Post-Surgery FAQs

During your pet’s operation a breathing tube is placed in the trachea (windpipe.) This can occasionally cause a mild irritation or a slight cough as an after-effect. If so, it will settle down over the next few days. However, if it persists please contact your veterinarian.
It is normal for your pet to urinate more or less frequently after surgery. You might also notice that your pet seems to have trouble controlling the need to urinate. This is usually temporary. Many pets drink less after returning home, so expect less urination. Some pets may drink more for the first days as some medications may cause your pet to drink and urinate more frequently. Contact your veterinarian immediately if any blood is seen in the urine, if your pet is straining to urinate or if no urine is noted for more than 18-24 hours.
Panting is often seen as a result of anxiety or frustration. In many instances following orthopedic surgery, your pet may not be able to move around as freely as before. This can lead to your pet being upset about its limited mobility and lead to panting.
Do not bathe your pet until you have permission from your veterinarian. Generally you may have to wait up to 8 weeks before bathing your pet. Using baby wipes or waterless shampoo is okay as long as it is not on or near the surgery site.
Most pets will not eat their regular pet food especially if its kibble.

  • Try warming the food slightly in the microwave, which will make the food more aromatic.
  • Offer cooked chicken breast, turkey breast, or lean hamburger
  • Offer a canned/wet food
  • Add beef/chicken broth to your pet’s water bowl to make it more appealing.

FOR CATS: Try offering any type of smelly foods that contain fish or tuna or smelly cat foods. Baby food is also an option in chicken, beef, turkey or veal flavors.

After surgery your pet should be confined to a small carpeted room with no furniture, such as a bathroom, or to a 6 X 6 crate/x-pen. Minimal movement is optimal. If you have hardwood floors in your home, placing area rugs will be very helpful to your pet for traction to go from inside to outside for eliminations.
Please do not allow your pet to lick the incision. Licking can lead to a severe infection, delay the healing process, and potentially cause life-threatening complications. Your pet has the ability to remove the sutures by licking leaving you with an opened wound and an exposed surgery site! Therefore please leave the Elizabeth collar (e-collar) on the head of your pet until your veterinarian gives you permission to remove it.
Many pets will not have a bowel movement the first 4 to 5 days after surgery. Reasons that a pet will not have a bowel movement after surgery include:

  • your pet has been fasted prior to surgery
  • pets do not eat well during hospital stay
  • they are on pain medication that can cause constipation

We recommend giving your dog a few tablespoons of pumpkin if your dog has not had a bowel movement by the 4th day. (Pumpkin can be found at your local grocery store)

Some dogs will require more frequent bathroom breaks than usual, especially if they were given fluids during surgery or hospitalization. When taking your pet outdoors make sure he is on a leash at all times. If you have been instructed to use a sling please make sure you use the sling when taking your pets outside. The only time you can release the sling or move it should be if it gets in the way of your pet’s need to eliminate. Leash control is absolutely necessary! You never know if your dog will want to chase a squirrel or a cat.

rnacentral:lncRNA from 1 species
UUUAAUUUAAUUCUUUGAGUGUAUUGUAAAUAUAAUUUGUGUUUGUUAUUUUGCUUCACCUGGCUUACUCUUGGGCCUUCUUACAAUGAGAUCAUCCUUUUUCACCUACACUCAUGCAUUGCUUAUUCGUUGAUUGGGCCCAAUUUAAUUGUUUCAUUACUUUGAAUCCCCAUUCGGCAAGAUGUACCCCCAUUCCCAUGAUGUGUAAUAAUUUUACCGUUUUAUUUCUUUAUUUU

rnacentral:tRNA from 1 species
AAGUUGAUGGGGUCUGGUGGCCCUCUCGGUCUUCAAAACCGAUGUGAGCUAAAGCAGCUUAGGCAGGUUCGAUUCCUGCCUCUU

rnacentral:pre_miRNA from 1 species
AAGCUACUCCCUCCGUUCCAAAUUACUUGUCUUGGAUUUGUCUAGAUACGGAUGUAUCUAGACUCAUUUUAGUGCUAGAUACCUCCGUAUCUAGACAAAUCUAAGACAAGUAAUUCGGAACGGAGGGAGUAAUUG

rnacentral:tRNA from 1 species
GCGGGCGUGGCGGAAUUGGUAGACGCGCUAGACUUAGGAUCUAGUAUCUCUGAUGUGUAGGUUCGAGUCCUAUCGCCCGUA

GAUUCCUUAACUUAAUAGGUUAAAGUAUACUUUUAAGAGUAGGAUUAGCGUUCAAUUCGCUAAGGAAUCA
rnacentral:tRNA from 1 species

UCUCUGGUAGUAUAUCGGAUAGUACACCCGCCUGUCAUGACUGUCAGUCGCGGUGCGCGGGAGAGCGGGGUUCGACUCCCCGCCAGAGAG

It is essential to keep your dog in a confined space even if you think your pet is unhappy or seems to be healing. One of the most difficult aspects of confinement is that pets will frequently feel better long before they are healed. At this point your pet will start being more careless on the operated limb and is more likely to be overactive and cause an injury. To make this time easier for your pet you can keep him occupied with plenty of toys and an occasional low calorie treat. You also may want to keep a radio or television on to provide company when you are not at home. You must adhere strictly to the confinement guidelines and not allow more activity than advised.
During confinement your dog’s food intake may need to be reduced to avoid weight gain. Water consumption should remain normal.
Signs of pain include crying, growling, not wanting to eat, hiding, biting, panting, pacing, restlessness, and being unable to sleep.
A variety of pain medications are available. Your veterinarian will have prescribed the appropriate pain control medication for your pet. If you feel that your pet is in pain and the medications are not helping please do not hesitate to contact us. It is very important to not give any pain medications to your pet that you yourself use. Many human medications, like Tylenol, can be toxic to your pet.

If an orthopedic surgery has been done, cold packing the surgical site may be helpful. A cold pack may be a pack of frozen peas, crushed ice in a Ziploc bag, or a cold gel pack. Make sure to use a thin barrier, such as a towel or washcloth between the skin and the cold pack.

Please do not clean the incision directly or apply hydrogen peroxide or any ointments. There will be some swelling and redness around the incision when your pet returns home. It will gradually resolve. Sometimes after surgery, there is an accumulation of fluid that is produced during the healing process, causing a fluid pocket (seroma). This is a non painful condition, and the body will reabsorb the fluid. However, if there is excessive redness, pain, discharge, odor, or a foul smell originating from the incision, there may be an infection and your pet should be evaluated as soon as possible.